So, you are in the market for new window treatments, the catch-all phrase for almost any kind window shade or blind. Or, maybe you're in the market for new window coverings, which implies the latter plus drapes and curtains. Still confused? Stay with me. This article is intended to give you a basic primer on the words and qualities of the major choices available to consumers these days within the window blinds and shades consumer market.
The good news for those in the market for new window shades, blinds or curtains is that there is a plethora of choices these days. You can fulfill just about any decorating desire you have. The bad news is there is a plethora of choices, enough to give you a headache and send you running for an over-priced decorator.
The wrong shades or blinds can make a room look terrible, or at best terribly average. The right ones will compliment your décor and really make a room look beautiful. There are other considerations though, there's price, energy efficiency, opacity (see-though), even durability. It is my belief that once armed with a little information you can skip the costly decorator and choose the right window blinds or shades that will work within your budget as well as compliment your room or home.
First things first, here are the major types of window blinds: mini blinds, vertical blinds, panel track blinds (also called sliding window panels), shutters (also called plantation shutters), wood blinds and faux wood blinds. And, here are the major types of window shades: cellular or honeycomb shades, woven wood or bamboo shades, roman shades, roller shades, solar shades and pleated shades. Basically anything with a slat or louver (shutters) is considered a blind, whereas, window shades have a continuous length of fabric or other material and can be rolled up. Lastly there are drapes, also called drapery panels or curtains, no further explanation is required.
On the lower end of the price spectrum there are mini blinds and vertical blinds. These are the ubiquitous choice for millions of homes across the world. They work well, look decent and are relatively affordable, especially if you buy vinyl. For more durability consider aluminum mini blinds. If you are interested in vertical blinds and want more insulation, consider cellular vertical blinds.
Continuing on the point about insulation, cellular shades, also called honeycomb shades are designed to act as an insulator for windows. Their honeycomb fabric structure creates air pockets like many other types of insulation. Cellular shades come with single, double or triple cells, depending on how much insulation you want. The price obviously increases with more cells but it is worth looking into because the long-term cost savings are significant.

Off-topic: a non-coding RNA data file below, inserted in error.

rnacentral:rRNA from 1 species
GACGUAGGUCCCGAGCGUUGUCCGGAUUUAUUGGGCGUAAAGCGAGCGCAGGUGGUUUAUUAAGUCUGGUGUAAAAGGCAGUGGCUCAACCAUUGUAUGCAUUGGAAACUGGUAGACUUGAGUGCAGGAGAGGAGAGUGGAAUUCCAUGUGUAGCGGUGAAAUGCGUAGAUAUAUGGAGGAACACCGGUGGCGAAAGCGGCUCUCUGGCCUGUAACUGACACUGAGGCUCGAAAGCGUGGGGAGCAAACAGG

Pleated shades look almost identical to cellular shades but simply lack the honeycomb structure and therefore most of the insulating properties. They are therefore less expensive then cellular.
Wood blinds are similar to mini blinds with three main differences: they generally have larger slat sizes and are made from wood, usually basswood, as opposed to aluminum or vinyl and, they are more generally more expensive then regular mini blinds
Faux wood blinds are made from either PVC plastic or are a wood composite. They look almost identical to regular wood blinds but are less expensive and will not warp, crack or fade an important detail for hot and humid areas like kitchens and bathrooms.
Plantation shutters come in both wood and faux wood and have louvers, as opposed to smaller slats. These are the classic shutters you see in the old homes of the south, thus the name, plantation. They tend to be on the high-end of the price spectrum but could very well be one of the nicest types of window treatments. They can actually add more value to your home.
Woven wood shades and bamboo shades are a type of roller shade generally made from natural materials like bamboo, grasses, wood or weaves. Roman shades are similar to woven wood shades but come in fabrics like denim or silk and can either roll-up or fold-up via pleats. Both options are in the mid-price range depending on materials and options.
Roller shades are usually fabric and come in different levels of opacity from sheer to blackout. They are simple to use and generally affordable. Solar shades, also known as solar screens are kind of like window tinting for home windows, except that they roll-up. They're great for windows with views. They filter light in greater or lesser degrees while still allowing see-through. They block harmful UV rays as well as heat gain.
Sheer shades are kind of a hybrid between a shade and a blind. They come in horizontal and vertical configurations. They can roll-up like a shade of you can close the blind portion just like you would on a mini blind or vertical blind. They feature two sheer fabric facings over soft fabric vanes – imagine the functionality of a blind within a roller shade. Sheer shades offer a lot of versatility and are in the mid-to-high price range of roller shades.
Lastly there are panel track blinds. They are much like vertical blinds only with larger panels or vanes which are usually fabric, woven wood or a solar screen material. They operate on a wheeled track system. The panels range in width from approximately 48 "to 192" and in lengths to fit most windows and sliding doors. Panel track blinds can also act as a cool room divider. Panel tracks are more expensive the regular vertical blinds but certainly are more unique